Overall, we know the impact of roadworks is a major issue for our residents. We also know road use and driver habits has changed since the pandemic, hence us doing a fresh review of our network to understand the current pinch-points and so we can look to programme works better around these locations.”

Notes to Editor

  • Four years ago the council dealt with around 20,000 works requests per year; this figure is expected to rise to 70,000 by the end of this year
  • People can view information about roadworks in their area by going to the council’s website


Household recycling centres change to regular winter opening hours


September 2023

From Sunday 1 October, all 10 of Buckinghamshire’s Household Recycling Centres (HRCs) will switch over to the usual winter opening hours of 9am to 4pm.

The days each centre is open will remain unchanged but the change in hours reflects the fact that as it gets closer to the clocks going back at the end of October and over the winter months, the number of visitors to the sites decreases rapidly once it starts to get darker earlier.

Gareth Williams, Cabinet Member for Climate Change and Environment explained: “This is something that we do every year at this time, but we want to make sure that everyone is aware of this important change to winter closing times of 4pm from 1 October, so please take note.”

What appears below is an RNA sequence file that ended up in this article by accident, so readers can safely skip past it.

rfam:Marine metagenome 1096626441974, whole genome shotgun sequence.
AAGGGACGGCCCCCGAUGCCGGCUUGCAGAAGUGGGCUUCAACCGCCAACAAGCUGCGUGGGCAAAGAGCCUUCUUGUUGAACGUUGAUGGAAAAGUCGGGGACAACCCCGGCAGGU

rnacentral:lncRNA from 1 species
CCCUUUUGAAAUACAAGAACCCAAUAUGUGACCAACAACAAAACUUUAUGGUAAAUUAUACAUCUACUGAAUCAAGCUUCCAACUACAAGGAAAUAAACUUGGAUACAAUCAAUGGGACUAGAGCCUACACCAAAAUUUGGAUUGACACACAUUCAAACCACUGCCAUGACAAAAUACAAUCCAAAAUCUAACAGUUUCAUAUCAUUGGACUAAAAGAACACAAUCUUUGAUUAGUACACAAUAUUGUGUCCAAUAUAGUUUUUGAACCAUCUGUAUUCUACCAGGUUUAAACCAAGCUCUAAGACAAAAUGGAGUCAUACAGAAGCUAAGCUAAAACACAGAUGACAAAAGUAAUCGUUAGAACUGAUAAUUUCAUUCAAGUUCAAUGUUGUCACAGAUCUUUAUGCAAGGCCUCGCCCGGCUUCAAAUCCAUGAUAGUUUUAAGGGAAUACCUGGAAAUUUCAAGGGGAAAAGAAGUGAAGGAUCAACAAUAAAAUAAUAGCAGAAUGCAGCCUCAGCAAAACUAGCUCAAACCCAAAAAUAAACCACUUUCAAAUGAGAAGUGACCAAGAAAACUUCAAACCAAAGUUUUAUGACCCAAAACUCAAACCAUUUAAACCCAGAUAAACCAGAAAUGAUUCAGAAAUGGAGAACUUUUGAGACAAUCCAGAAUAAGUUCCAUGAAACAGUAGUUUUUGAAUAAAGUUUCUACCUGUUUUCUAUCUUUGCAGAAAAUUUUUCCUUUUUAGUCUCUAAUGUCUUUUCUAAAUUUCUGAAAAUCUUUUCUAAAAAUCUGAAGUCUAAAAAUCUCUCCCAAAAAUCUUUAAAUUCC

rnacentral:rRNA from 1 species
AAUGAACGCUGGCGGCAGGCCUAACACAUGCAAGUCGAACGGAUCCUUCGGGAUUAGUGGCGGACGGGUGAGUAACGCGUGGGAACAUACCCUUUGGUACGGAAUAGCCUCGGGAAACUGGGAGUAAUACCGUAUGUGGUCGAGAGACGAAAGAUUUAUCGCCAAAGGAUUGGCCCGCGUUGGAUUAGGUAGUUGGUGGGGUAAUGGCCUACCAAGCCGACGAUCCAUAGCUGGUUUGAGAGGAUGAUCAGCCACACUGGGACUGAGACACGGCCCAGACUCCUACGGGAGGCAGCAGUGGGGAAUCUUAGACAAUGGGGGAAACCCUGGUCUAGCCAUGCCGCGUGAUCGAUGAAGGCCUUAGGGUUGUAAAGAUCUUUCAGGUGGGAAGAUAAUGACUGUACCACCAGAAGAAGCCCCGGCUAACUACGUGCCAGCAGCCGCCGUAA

To find out which days your local HRC is open and also further details of what can and cannot be taken to a centre, visit:

Did you know you can also view live webcam footage via the council website, to check if the site is busy and avoid having to wait in a queue? If you are unsure about the best time to visit, take a look at the cameras and plan your trip accordingly.

Don’t forget, any items such as furniture, garden equipment, bicycles and household equipment in good condition that you are looking to get rid of, can be taken to any HRC where they are collected for reuse. Items donated are sold on by the South Bucks Hospice which runs the reuse shops in High Wycombe and Aston Clinton HRCs. Items for resale can be taken to any of the 10 sites and will be transported to the reuse shops.

Gareth continued: “We would encourage anyone who wants to get rid of good quality household and garden items to donate them to the hospice reuse shops. You can combine your donations with a regular trip to the tip so it couldn’t be easier. The items you no longer want will be snapped up by someone else who needs them and by donating in this way you are helping raise much needed funds for a local charity, so everyone is a winner.”

How can we make Buckinghamshire safer?


September 2023

That is the question the Safer Buckinghamshire Board is asking residents and other interested parties as it launches its Safer Bucks consultation.

The Safer Buckinghamshire Board is the local multi-agency community safety partnership that brings together experts from the police, fire service, probation health and social care services.

Following last year’s community safety survey, the new Safer Buckinghamshire Strategy 2023-26 was developed. The strategy outlined the five key priorities for improving community safety and fear of crime in the area. To help deliver the next 12 months of the strategy, the Safer Buckinghamshire Board is keen to know:

  • What impact crime and anti-social behaviour has in local areas